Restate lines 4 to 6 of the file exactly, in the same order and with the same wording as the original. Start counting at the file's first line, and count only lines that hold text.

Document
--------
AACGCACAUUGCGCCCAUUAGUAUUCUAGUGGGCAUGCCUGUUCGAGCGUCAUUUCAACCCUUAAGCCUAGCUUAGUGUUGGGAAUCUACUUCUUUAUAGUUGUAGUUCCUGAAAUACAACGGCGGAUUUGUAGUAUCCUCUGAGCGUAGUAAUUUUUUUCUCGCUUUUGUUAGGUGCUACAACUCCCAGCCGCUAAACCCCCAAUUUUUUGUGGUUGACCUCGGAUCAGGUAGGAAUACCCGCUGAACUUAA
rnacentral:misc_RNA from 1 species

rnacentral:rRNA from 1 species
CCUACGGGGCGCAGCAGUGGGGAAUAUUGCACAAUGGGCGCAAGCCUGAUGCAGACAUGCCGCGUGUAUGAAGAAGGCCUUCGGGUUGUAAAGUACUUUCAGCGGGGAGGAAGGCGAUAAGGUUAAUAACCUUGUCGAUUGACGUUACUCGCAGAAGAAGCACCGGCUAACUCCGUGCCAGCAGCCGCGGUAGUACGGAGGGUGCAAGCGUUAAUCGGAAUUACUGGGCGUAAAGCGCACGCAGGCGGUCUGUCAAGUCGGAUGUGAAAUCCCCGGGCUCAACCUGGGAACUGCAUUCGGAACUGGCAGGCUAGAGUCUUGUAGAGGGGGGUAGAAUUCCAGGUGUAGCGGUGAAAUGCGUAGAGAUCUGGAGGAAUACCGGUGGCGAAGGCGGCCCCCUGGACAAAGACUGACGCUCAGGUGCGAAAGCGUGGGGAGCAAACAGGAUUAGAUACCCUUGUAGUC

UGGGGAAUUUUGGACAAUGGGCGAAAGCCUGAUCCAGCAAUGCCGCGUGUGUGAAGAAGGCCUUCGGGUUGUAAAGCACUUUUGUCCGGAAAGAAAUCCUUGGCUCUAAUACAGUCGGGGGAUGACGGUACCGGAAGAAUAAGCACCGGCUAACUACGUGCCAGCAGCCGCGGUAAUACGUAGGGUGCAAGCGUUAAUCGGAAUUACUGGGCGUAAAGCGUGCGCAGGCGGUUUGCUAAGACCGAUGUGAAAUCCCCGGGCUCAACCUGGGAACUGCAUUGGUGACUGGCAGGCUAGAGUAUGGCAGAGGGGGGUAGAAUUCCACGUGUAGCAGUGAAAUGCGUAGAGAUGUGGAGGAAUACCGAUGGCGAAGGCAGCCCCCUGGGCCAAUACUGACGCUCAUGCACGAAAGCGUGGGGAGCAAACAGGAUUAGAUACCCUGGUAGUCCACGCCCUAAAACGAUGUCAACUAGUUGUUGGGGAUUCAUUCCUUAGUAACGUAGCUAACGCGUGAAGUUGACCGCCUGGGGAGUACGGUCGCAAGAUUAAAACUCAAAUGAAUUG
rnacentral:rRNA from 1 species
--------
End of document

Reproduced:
CCUACGGGGCGCAGCAGUGGGGAAUAUUGCACAAUGGGCGCAAGCCUGAUGCAGACAUGCCGCGUGUAUGAAGAAGGCCUUCGGGUUGUAAAGUACUUUCAGCGGGGAGGAAGGCGAUAAGGUUAAUAACCUUGUCGAUUGACGUUACUCGCAGAAGAAGCACCGGCUAACUCCGUGCCAGCAGCCGCGGUAGUACGGAGGGUGCAAGCGUUAAUCGGAAUUACUGGGCGUAAAGCGCACGCAGGCGGUCUGUCAAGUCGGAUGUGAAAUCCCCGGGCUCAACCUGGGAACUGCAUUCGGAACUGGCAGGCUAGAGUCUUGUAGAGGGGGGUAGAAUUCCAGGUGUAGCGGUGAAAUGCGUAGAGAUCUGGAGGAAUACCGGUGGCGAAGGCGGCCCCCUGGACAAAGACUGACGCUCAGGUGCGAAAGCGUGGGGAGCAAACAGGAUUAGAUACCCUUGUAGUC

UGGGGAAUUUUGGACAAUGGGCGAAAGCCUGAUCCAGCAAUGCCGCGUGUGUGAAGAAGGCCUUCGGGUUGUAAAGCACUUUUGUCCGGAAAGAAAUCCUUGGCUCUAAUACAGUCGGGGGAUGACGGUACCGGAAGAAUAAGCACCGGCUAACUACGUGCCAGCAGCCGCGGUAAUACGUAGGGUGCAAGCGUUAAUCGGAAUUACUGGGCGUAAAGCGUGCGCAGGCGGUUUGCUAAGACCGAUGUGAAAUCCCCGGGCUCAACCUGGGAACUGCAUUGGUGACUGGCAGGCUAGAGUAUGGCAGAGGGGGGUAGAAUUCCACGUGUAGCAGUGAAAUGCGUAGAGAUGUGGAGGAAUACCGAUGGCGAAGGCAGCCCCCUGGGCCAAUACUGACGCUCAUGCACGAAAGCGUGGGGAGCAAACAGGAUUAGAUACCCUGGUAGUCCACGCCCUAAAACGAUGUCAACUAGUUGUUGGGGAUUCAUUCCUUAGUAACGUAGCUAACGCGUGAAGUUGACCGCCUGGGGAGUACGGUCGCAAGAUUAAAACUCAAAUGAAUUG
rnacentral:rRNA from 1 species